The Joint Commission is requiring the max. exposure rates of each fluoroscopy device be specified

A new requirement of the Joint Commission for assessing the performance of fluoroscopy equipment may be a source of confusion for providers, due to its mandate that “maximum exposure rates in all imaging modes” be specified for each piece of fluoroscopic X-ray equipment.

RadiologySuch devices, according to ECRI’s Jason Launders, director of operations for it health devices group, can be “worlds apart” in type and use, and come with a wide range of modes.

“Every part of the anatomy has a different mode,” he told HCB News. “Am I looking at the arteries or the ventricles? Am I looking at the brain, or am I looking at a leg? There are different types of imaging you can do in each mode. Are you going to be testing every single one? That could be a very long list.”

Such confusion has led many providers to reach out to manufacturers for advice and information on how to answer this question in full, a task that results in long and cumbersome testing, which may not be able to specify the maximum exposure rate for any piece of technology, according to MITA.

“Control modes (according to U.S. regulation 21CFR1020.32) are the only imaging modes with regulated maximum exposure rates (i.e., maximum air kerma rates),” it said in a statement. “On modern fluoroscopy equipment there may be dozens of fluoroscopy modes available, which may be based on clinical protocols and requirements, and include multiple dose modes and pulse rates that could impact the measured exposure rate. Non-regulated imaging modes could number in the hundreds and have no regulated maximum value.”

In addition, testing a piece of equipment by pushing it to its maximum exposure rate can place prolonged stress on its X-ray tube, causing the part to prematurely degrade or fail. This stress is further enhanced by the resistance exerted by the system, which will try to cut back its output when pushed to its highest rate.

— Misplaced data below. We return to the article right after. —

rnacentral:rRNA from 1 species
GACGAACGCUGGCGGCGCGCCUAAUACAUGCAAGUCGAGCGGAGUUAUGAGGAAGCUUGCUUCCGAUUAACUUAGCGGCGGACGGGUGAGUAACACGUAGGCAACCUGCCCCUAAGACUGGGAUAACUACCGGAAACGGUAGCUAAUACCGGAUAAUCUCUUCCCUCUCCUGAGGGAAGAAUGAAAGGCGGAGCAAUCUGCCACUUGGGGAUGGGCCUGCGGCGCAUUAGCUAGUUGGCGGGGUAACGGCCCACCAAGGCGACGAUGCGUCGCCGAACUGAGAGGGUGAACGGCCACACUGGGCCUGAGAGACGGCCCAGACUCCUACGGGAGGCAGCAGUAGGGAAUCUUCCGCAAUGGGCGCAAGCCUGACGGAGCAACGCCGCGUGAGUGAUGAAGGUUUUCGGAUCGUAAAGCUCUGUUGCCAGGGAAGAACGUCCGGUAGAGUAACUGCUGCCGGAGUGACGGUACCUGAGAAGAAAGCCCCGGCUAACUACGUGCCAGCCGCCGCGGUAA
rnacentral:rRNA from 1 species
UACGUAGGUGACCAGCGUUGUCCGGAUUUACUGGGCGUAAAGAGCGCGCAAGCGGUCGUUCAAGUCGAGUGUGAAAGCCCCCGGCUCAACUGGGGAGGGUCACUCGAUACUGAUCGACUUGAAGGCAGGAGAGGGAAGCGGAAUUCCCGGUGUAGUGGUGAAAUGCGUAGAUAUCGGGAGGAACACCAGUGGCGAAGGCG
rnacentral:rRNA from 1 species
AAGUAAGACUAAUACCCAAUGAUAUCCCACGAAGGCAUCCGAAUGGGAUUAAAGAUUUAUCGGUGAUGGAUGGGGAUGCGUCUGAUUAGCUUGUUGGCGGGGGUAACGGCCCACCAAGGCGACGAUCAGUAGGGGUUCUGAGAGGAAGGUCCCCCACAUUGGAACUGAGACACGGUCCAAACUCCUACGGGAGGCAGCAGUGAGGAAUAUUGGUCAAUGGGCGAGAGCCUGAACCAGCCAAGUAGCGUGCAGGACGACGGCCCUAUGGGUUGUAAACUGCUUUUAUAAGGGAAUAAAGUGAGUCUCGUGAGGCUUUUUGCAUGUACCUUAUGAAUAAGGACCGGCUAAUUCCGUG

Such damage can often destroy the tube, requiring the hospital to purchase another.

“A broken X-ray tube is not cheap,” said Launders, who says that the most a provider can do in this situation is contact their medical physicist, who, in turn, should consult with the manufacturers of the equipment to figure out the maximum exposure rate of each to help hospitals complete their Joint Commission surveys.

He stresses that while confusing, completing this task is important, as failure to do so could result in a citation.

“It really depends on the surveyor and what they’re looking for. They might not know about imaging to a great extent, and may not understand what this requirement is asking,” he said. “These instructions are directed to the medical physicists. The medical physicist should include this in their report and contact the manufacturer for guidance regarding this. They need to go to the manufacturer and say, ‘I need to specify what the maximum dose rates in each of these are. Can you give me a table?’”

MITA said it had no comment at this time.

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